"Ah! woe for the word that is never said
Till the ear is deaf to hear;
And woe for the lack to the fainting head
Of the ringing shout of cheer;
Ah! woe for the laggard feet that tread
In the mournful wake of the bier.
A pitiful thing the gift to-day
That is dross and nothing worth,
Though if it had come but yesterday,
It had brimmed with sweet the earth;
A fading rose in a death-cold hand,
That perished in want and dearth."
Shall we not take our lesson from the legend of the robin that plucked a thorn from the Savior's brow, and thus sought to lessen his pain, rather than from the story of the disciples, who slept and failed to give the help which the Lord sought from their love? Thus can we strengthen those whose burdens are heavy, and whose struggles and sorrows are sore.
All noble effort, as Sarah K. Bolton beautifully expresses it, is its own reward:
"I like the man who faces what he must
With step triumphant and a heart of cheer;
Who fights the daily battle without fear;
Sees his hopes fail, yet keeps unfaltering trust
That God is God; that, somehow, true and just,
His plans work out for mortals; not a tear
Is shed when fortune, which the world holds dear,
Falls from his grasp. Better, with love, a crust,
Than living in dishonor; envies not
Nor loses faith in man; but does his best,
Nor ever murmurs at his humbler lot;
But with a smile and words of hope, gives zest
To every toiler. He alone is great
Who, by a life heroic, conquers fate."
"After I have completed an invention," says Thomas A. Edison, "I seem to lose interest in it. One might think that the money value of an invention constituted its reward to the man who loves his work. But, speaking for myself, I can honestly say this is not so. Life was never so full of joy to me, as when a poor boy I began to think out improvements in telegraphy, and to experiment with the cheapest and crudest appliances. But, now that I have all the appliances I need, and am my own master, I continue to find my greatest pleasure, and so my reward, in the work that precedes what the world calls success."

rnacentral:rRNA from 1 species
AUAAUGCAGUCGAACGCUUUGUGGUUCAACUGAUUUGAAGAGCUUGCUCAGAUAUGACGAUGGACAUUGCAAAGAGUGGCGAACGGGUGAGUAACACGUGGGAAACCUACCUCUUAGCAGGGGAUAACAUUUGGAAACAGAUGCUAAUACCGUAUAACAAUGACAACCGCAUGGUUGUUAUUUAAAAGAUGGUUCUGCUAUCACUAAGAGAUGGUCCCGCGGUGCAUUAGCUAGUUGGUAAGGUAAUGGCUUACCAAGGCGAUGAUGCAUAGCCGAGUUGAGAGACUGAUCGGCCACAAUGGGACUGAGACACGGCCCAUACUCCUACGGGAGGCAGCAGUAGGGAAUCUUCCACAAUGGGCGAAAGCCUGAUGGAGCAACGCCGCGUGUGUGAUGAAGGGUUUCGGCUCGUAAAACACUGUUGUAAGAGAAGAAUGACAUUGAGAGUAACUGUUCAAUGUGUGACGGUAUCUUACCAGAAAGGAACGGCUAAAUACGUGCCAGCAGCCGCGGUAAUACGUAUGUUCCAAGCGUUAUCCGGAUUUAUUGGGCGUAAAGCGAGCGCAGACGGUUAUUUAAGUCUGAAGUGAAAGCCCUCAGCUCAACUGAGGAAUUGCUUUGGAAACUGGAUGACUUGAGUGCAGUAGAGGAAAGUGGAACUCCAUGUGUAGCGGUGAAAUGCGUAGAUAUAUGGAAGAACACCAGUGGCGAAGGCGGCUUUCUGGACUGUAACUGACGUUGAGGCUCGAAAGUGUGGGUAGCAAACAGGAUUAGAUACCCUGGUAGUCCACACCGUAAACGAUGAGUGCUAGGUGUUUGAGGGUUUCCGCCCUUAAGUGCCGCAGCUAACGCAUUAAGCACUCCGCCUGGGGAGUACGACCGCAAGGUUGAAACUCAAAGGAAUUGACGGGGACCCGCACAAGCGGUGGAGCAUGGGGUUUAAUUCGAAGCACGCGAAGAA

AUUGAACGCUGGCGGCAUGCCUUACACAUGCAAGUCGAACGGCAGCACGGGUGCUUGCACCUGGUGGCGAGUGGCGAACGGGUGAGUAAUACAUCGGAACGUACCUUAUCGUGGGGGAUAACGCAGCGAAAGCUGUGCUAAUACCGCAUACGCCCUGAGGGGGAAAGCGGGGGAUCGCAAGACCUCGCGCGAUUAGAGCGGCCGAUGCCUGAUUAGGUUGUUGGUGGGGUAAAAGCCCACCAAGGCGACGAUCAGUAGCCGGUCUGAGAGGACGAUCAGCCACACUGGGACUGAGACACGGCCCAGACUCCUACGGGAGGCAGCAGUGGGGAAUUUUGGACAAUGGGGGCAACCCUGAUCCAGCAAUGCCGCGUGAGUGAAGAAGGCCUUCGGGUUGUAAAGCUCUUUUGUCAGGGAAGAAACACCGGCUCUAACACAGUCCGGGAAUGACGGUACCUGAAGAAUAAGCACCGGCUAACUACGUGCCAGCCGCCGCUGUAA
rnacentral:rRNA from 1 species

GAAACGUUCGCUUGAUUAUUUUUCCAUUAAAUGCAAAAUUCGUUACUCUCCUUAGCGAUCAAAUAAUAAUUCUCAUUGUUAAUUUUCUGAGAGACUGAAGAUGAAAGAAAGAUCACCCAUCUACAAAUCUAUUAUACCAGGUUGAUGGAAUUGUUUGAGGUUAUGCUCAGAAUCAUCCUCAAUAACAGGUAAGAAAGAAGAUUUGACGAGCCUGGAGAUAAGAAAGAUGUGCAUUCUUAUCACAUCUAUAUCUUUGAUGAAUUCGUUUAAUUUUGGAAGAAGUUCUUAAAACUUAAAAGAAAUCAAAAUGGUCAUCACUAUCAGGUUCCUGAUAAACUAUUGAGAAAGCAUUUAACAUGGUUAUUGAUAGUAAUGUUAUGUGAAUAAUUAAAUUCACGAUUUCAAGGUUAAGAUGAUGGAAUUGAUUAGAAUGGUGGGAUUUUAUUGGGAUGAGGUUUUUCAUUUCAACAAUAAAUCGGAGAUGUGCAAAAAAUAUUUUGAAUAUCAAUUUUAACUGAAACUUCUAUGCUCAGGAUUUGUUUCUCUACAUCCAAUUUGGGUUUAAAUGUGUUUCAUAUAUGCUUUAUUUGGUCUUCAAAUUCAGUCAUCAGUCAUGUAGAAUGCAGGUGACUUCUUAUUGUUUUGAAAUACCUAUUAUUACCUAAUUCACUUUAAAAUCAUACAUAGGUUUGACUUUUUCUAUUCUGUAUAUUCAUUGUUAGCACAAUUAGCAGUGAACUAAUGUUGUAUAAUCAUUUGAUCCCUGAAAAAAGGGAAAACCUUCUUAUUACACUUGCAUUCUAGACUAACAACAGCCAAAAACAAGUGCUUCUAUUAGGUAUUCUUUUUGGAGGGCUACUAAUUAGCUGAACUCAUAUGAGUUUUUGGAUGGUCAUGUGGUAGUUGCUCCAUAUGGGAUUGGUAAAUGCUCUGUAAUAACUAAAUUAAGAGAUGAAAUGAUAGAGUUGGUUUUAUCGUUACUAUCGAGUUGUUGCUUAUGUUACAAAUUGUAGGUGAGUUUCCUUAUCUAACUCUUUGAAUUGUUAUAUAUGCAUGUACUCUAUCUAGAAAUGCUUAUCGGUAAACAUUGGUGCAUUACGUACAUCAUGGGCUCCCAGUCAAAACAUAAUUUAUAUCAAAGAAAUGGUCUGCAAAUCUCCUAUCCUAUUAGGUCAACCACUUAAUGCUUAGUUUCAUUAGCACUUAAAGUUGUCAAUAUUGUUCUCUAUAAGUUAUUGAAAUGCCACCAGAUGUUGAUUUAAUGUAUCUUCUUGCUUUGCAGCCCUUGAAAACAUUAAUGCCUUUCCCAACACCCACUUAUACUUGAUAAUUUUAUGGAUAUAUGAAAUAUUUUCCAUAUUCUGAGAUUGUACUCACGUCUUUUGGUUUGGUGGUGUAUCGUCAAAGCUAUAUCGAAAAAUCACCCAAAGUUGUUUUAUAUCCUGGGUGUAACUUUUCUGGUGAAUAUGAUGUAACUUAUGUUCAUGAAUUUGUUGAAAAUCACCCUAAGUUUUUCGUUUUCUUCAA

Mr. Gladstone, the great English statesman, and though nearing four score and ten, still one of the most industrious of men, says:
"I have found my greatest happiness in labor. I early formed the habit of industry, and it has been its own reward. The young are apt to think that rest means a cessation from all effort, but I have found the most perfect rest in changing effort. If brain-weary over books and study, go out into the blessed sunlight and the pure air, and give heartfelt exercise to the body. The brain will soon become calm and rested. The efforts of nature are ceaseless. Even in our sleep, the heart throbs on. If these great forces ceased for an instant death would follow. I try to live close to nature, and to imitate her in my labors. The compensation is sound sleep, a wholesome digestion, and powers that are kept at their best; and this I take it is the chief reward of industry."
"If I ever get time from work," said Horace Greeley one day, "I'll go a-fishing, for I was fond of it when a boy." But he never went a-fishing, never indulged in a healthful change of exercise, and the result was a mind thrown out of balance, and death in the prime of life. We all need a restful change at times.
A Review of "How to Get On in Life"
Table of Contents
Chapter XVI - Patience and Perseverance